The real story lies in the technical properties of Incense-cedar which make it uniquely exceptional for use in pencils and various other applications. It’s unique physical characteristics allow for close-tolerance, precision machining that provide a very smooth machined surface and exceptional ‘sharpenability’ in finished pencils. It’s thermal characteristics are also among the best for all softwoods. This provides dependable, predictable resistance to heat buildup which improves machining performance as well as gluing and drying.
Incense-cedar also stands up to wider variations in temperature and humidity without warping, cracking or shrinking (which is important for pencil factories in many regions of the world where there are varying climates and for pencils shipped around the world). Finally, the smooth surface and relative lack of resin canals and pitch pockets assure that cedar pencils can be easily painted or stained with lacquer or water based stains to a fine, smooth finish without bleeding or other problems.
Incense-cedar is also interesting in that is mostly grown naturally in stands of mixed conifers: Douglas-fir, Ponderosa pine, Jeffrey Pine are the predominant species where sometimes 5 to 20 percent of the stand may be Incense-cedar. They are sustainably managed in these mixed stands, not in plantations as you might expect for a species with such a specific market value.

Now if you've read this far, you've got to be really interested in pencils...or you're still wondering how they get the lead in there. So you're in for a treat. Watch the following's a great documentary on how pencils are made. And it's amazing.

And that's the story of of the best wood products that everyone has used but almost nobody ever notices.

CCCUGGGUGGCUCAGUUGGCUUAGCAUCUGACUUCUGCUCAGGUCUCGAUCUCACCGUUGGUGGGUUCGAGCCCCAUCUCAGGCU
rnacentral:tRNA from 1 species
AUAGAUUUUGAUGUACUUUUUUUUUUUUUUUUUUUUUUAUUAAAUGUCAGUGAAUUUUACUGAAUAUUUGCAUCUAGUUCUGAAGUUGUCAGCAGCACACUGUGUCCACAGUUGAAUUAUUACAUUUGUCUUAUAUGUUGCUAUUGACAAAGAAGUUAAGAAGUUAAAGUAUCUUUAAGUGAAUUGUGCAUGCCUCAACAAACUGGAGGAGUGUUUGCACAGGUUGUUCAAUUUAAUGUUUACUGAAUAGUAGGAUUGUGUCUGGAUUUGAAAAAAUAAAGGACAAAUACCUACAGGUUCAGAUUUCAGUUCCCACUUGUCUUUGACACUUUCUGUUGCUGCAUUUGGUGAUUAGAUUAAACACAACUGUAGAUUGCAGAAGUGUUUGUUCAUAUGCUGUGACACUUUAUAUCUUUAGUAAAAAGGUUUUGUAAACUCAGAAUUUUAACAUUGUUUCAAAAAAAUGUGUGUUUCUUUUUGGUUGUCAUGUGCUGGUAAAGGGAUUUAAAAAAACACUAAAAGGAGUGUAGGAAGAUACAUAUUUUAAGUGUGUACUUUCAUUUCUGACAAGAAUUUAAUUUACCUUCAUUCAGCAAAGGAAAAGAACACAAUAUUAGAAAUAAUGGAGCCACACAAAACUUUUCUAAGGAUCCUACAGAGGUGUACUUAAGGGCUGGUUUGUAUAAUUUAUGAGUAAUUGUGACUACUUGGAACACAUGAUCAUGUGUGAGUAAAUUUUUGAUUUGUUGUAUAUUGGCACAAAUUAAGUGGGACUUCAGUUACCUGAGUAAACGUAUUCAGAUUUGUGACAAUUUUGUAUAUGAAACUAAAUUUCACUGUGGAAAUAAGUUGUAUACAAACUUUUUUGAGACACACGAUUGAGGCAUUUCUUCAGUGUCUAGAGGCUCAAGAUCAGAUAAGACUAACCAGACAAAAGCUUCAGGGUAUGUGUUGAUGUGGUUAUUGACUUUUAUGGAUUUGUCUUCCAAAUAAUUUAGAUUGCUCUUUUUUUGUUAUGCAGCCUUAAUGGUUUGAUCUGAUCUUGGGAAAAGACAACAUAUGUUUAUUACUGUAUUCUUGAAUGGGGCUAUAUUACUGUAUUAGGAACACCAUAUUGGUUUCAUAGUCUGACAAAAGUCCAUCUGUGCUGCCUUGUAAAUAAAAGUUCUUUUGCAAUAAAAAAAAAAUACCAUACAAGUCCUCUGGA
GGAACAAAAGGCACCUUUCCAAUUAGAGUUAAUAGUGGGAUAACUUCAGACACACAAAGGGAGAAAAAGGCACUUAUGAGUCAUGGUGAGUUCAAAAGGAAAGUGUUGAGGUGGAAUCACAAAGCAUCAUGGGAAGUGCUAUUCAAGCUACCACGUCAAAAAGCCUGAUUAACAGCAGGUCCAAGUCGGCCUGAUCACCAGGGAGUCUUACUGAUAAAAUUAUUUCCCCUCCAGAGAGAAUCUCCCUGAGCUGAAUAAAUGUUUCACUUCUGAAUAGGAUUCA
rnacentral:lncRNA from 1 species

Thursday, April 18, 2013

The Hopeful Story of American Chestnut Recovery

Dr. William A. Powell received his BS in biology in 1982 at Salisbury State University, MD, and his PhD in 1986 at Utah State University studying the molecular mechanisms of hypovirulence in the chestnut blight fungus, Cryphonectria parasitica. He is currently the Director of the Council on Biotechnology in Forestry and SUNY-ESF and the Co-Director of the New York State American Chestnut Research and Restoration Program. One of his significant accomplishments is the enhancement of blight resistance in American chestnut by his research team and collaborators. 
In the following video, Dr. Powell does a nice job of summarizing what happened to the American Chestnut (Castanea dentata), what is being done in the scientific realm to make a recovery of the species possible, and how you can help bring the American Chestnut back to the American forest.

It would be a wonderful thing to have chestnut back in the mix of commercial woods available for our use. It's a great wood. I especially appreciate the vision of filling in all our reclaimed mine land with thriving forests of chestnut.

Tuesday, April 16, 2013

Going Green with a Black Locust Deck

"I'm exploring the possibility of building a black locust deck, as I understand that the wood is naturally very insect- and rot-resistant. I'm having difficulty locating sources of black locust, however. Do you know of anyone who sells it? Thanks in advance for any information that you might have."  - Yours, Laura White Huntingdon, PA
So began an interesting project. Laura White and her husband Jamie were committed to building an environmentally-friendly deck, one free of chemical treatment. The original deck site was situated partly over their well, so they were concerned about possible contamination of their water by the wood treatment leachate. They consulted an EPA website and decided that a non-treated decking product would be their best choice.

Laura googled "green decking" and found information about Ipe ("ee-pay") and found that the properties of Ipe were well suited for decking. However, the price of Ipe, and the the fact that it has to be harvested in tropical locations and then shipped around the world, bothered the Whites, and they continued to look for other options.